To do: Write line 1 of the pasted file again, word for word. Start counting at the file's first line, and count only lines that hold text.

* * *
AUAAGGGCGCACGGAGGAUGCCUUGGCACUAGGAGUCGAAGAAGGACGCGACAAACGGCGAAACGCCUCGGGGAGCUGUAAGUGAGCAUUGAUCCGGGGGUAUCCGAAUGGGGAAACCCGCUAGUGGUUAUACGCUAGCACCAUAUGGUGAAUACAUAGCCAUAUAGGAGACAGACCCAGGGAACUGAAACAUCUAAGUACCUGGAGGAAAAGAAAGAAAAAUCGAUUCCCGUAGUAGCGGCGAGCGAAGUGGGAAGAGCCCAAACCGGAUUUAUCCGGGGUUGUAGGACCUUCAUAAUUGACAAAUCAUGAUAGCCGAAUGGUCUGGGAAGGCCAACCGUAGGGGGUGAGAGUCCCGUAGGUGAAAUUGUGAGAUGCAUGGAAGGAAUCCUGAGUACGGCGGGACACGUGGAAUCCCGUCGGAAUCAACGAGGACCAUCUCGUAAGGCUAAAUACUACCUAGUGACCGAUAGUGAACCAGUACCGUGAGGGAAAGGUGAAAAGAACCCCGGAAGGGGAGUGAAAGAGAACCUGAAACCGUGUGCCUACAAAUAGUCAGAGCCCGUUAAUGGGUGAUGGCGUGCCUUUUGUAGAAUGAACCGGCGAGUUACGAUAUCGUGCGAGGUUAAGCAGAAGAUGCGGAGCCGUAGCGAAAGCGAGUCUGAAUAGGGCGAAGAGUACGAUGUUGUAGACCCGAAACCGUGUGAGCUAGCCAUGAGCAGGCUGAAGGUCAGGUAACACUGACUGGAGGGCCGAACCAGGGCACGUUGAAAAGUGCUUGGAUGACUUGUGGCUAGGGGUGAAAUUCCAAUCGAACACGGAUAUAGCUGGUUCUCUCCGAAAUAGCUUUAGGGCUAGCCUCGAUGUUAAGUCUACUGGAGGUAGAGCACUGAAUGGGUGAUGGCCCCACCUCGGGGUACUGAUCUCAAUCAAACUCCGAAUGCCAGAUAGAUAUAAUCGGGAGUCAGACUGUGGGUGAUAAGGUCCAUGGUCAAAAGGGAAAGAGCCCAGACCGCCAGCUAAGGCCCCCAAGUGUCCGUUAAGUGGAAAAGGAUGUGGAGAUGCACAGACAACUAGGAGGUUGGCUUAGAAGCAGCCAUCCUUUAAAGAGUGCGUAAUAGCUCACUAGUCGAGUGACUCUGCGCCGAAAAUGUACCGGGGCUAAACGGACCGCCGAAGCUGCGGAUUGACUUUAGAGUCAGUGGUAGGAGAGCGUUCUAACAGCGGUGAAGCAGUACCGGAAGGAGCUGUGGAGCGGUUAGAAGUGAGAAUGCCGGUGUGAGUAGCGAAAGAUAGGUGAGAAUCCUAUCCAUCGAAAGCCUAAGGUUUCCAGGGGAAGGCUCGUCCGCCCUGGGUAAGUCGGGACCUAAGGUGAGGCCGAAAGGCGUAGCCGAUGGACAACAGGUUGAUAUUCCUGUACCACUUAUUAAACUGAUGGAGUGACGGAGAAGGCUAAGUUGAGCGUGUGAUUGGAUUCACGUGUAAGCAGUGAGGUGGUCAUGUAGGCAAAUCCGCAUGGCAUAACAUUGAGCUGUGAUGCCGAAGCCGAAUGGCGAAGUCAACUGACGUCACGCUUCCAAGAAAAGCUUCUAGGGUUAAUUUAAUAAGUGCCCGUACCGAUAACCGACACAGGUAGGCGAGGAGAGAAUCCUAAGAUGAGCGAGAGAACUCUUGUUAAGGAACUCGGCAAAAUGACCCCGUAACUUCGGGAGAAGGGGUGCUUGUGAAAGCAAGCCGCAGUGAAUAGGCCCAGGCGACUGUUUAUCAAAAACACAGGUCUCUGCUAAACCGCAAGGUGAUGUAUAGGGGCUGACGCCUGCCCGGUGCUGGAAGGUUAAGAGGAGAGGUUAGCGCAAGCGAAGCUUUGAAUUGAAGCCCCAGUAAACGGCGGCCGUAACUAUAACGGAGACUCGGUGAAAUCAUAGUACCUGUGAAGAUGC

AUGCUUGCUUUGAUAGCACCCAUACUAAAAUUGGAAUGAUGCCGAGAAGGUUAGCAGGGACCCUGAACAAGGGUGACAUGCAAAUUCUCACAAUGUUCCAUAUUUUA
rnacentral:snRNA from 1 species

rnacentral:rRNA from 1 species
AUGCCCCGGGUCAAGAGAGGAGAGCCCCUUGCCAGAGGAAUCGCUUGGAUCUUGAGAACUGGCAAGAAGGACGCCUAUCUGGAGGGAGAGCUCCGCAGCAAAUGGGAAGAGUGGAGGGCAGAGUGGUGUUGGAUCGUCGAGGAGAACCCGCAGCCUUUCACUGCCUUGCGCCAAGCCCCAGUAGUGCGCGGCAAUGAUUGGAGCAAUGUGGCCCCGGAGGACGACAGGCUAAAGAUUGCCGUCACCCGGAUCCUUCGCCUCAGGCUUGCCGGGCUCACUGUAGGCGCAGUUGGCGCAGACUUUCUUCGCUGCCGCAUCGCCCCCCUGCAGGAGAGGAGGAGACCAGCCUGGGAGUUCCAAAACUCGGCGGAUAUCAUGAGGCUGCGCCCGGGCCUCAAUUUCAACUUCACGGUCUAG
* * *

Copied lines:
AUAAGGGCGCACGGAGGAUGCCUUGGCACUAGGAGUCGAAGAAGGACGCGACAAACGGCGAAACGCCUCGGGGAGCUGUAAGUGAGCAUUGAUCCGGGGGUAUCCGAAUGGGGAAACCCGCUAGUGGUUAUACGCUAGCACCAUAUGGUGAAUACAUAGCCAUAUAGGAGACAGACCCAGGGAACUGAAACAUCUAAGUACCUGGAGGAAAAGAAAGAAAAAUCGAUUCCCGUAGUAGCGGCGAGCGAAGUGGGAAGAGCCCAAACCGGAUUUAUCCGGGGUUGUAGGACCUUCAUAAUUGACAAAUCAUGAUAGCCGAAUGGUCUGGGAAGGCCAACCGUAGGGGGUGAGAGUCCCGUAGGUGAAAUUGUGAGAUGCAUGGAAGGAAUCCUGAGUACGGCGGGACACGUGGAAUCCCGUCGGAAUCAACGAGGACCAUCUCGUAAGGCUAAAUACUACCUAGUGACCGAUAGUGAACCAGUACCGUGAGGGAAAGGUGAAAAGAACCCCGGAAGGGGAGUGAAAGAGAACCUGAAACCGUGUGCCUACAAAUAGUCAGAGCCCGUUAAUGGGUGAUGGCGUGCCUUUUGUAGAAUGAACCGGCGAGUUACGAUAUCGUGCGAGGUUAAGCAGAAGAUGCGGAGCCGUAGCGAAAGCGAGUCUGAAUAGGGCGAAGAGUACGAUGUUGUAGACCCGAAACCGUGUGAGCUAGCCAUGAGCAGGCUGAAGGUCAGGUAACACUGACUGGAGGGCCGAACCAGGGCACGUUGAAAAGUGCUUGGAUGACUUGUGGCUAGGGGUGAAAUUCCAAUCGAACACGGAUAUAGCUGGUUCUCUCCGAAAUAGCUUUAGGGCUAGCCUCGAUGUUAAGUCUACUGGAGGUAGAGCACUGAAUGGGUGAUGGCCCCACCUCGGGGUACUGAUCUCAAUCAAACUCCGAAUGCCAGAUAGAUAUAAUCGGGAGUCAGACUGUGGGUGAUAAGGUCCAUGGUCAAAAGGGAAAGAGCCCAGACCGCCAGCUAAGGCCCCCAAGUGUCCGUUAAGUGGAAAAGGAUGUGGAGAUGCACAGACAACUAGGAGGUUGGCUUAGAAGCAGCCAUCCUUUAAAGAGUGCGUAAUAGCUCACUAGUCGAGUGACUCUGCGCCGAAAAUGUACCGGGGCUAAACGGACCGCCGAAGCUGCGGAUUGACUUUAGAGUCAGUGGUAGGAGAGCGUUCUAACAGCGGUGAAGCAGUACCGGAAGGAGCUGUGGAGCGGUUAGAAGUGAGAAUGCCGGUGUGAGUAGCGAAAGAUAGGUGAGAAUCCUAUCCAUCGAAAGCCUAAGGUUUCCAGGGGAAGGCUCGUCCGCCCUGGGUAAGUCGGGACCUAAGGUGAGGCCGAAAGGCGUAGCCGAUGGACAACAGGUUGAUAUUCCUGUACCACUUAUUAAACUGAUGGAGUGACGGAGAAGGCUAAGUUGAGCGUGUGAUUGGAUUCACGUGUAAGCAGUGAGGUGGUCAUGUAGGCAAAUCCGCAUGGCAUAACAUUGAGCUGUGAUGCCGAAGCCGAAUGGCGAAGUCAACUGACGUCACGCUUCCAAGAAAAGCUUCUAGGGUUAAUUUAAUAAGUGCCCGUACCGAUAACCGACACAGGUAGGCGAGGAGAGAAUCCUAAGAUGAGCGAGAGAACUCUUGUUAAGGAACUCGGCAAAAUGACCCCGUAACUUCGGGAGAAGGGGUGCUUGUGAAAGCAAGCCGCAGUGAAUAGGCCCAGGCGACUGUUUAUCAAAAACACAGGUCUCUGCUAAACCGCAAGGUGAUGUAUAGGGGCUGACGCCUGCCCGGUGCUGGAAGGUUAAGAGGAGAGGUUAGCGCAAGCGAAGCUUUGAAUUGAAGCCCCAGUAAACGGCGGCCGUAACUAUAACGGAGACUCGGUGAAAUCAUAGUACCUGUGAAGAUGC